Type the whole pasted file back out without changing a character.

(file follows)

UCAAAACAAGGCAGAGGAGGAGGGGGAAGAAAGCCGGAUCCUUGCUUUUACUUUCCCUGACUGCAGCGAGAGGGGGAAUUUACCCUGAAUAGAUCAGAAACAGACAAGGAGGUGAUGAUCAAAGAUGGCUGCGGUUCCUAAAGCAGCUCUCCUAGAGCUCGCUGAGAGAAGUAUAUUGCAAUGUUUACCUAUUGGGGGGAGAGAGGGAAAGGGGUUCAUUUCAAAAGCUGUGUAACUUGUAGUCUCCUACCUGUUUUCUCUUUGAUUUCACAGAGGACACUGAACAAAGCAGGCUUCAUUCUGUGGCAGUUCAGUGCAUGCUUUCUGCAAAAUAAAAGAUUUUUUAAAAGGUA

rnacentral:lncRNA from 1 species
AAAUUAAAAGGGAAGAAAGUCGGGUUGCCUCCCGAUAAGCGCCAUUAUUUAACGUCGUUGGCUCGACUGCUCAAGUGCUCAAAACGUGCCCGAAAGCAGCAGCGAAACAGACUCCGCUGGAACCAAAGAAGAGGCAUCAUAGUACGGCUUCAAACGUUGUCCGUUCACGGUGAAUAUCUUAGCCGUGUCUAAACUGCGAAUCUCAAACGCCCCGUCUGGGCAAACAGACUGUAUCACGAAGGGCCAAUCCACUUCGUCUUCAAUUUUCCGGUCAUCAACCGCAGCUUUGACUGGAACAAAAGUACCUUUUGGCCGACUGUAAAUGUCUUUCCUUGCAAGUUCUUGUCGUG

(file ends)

UCAAAACAAGGCAGAGGAGGAGGGGGAAGAAAGCCGGAUCCUUGCUUUUACUUUCCCUGACUGCAGCGAGAGGGGGAAUUUACCCUGAAUAGAUCAGAAACAGACAAGGAGGUGAUGAUCAAAGAUGGCUGCGGUUCCUAAAGCAGCUCUCCUAGAGCUCGCUGAGAGAAGUAUAUUGCAAUGUUUACCUAUUGGGGGGAGAGAGGGAAAGGGGUUCAUUUCAAAAGCUGUGUAACUUGUAGUCUCCUACCUGUUUUCUCUUUGAUUUCACAGAGGACACUGAACAAAGCAGGCUUCAUUCUGUGGCAGUUCAGUGCAUGCUUUCUGCAAAAUAAAAGAUUUUUUAAAAGGUA

rnacentral:lncRNA from 1 species
AAAUUAAAAGGGAAGAAAGUCGGGUUGCCUCCCGAUAAGCGCCAUUAUUUAACGUCGUUGGCUCGACUGCUCAAGUGCUCAAAACGUGCCCGAAAGCAGCAGCGAAACAGACUCCGCUGGAACCAAAGAAGAGGCAUCAUAGUACGGCUUCAAACGUUGUCCGUUCACGGUGAAUAUCUUAGCCGUGUCUAAACUGCGAAUCUCAAACGCCCCGUCUGGGCAAACAGACUGUAUCACGAAGGGCCAAUCCACUUCGUCUUCAAUUUUCCGGUCAUCAACCGCAGCUUUGACUGGAACAAAAGUACCUUUUGGCCGACUGUAAAUGUCUUUCCUUGCAAGUUCUUGUCGUG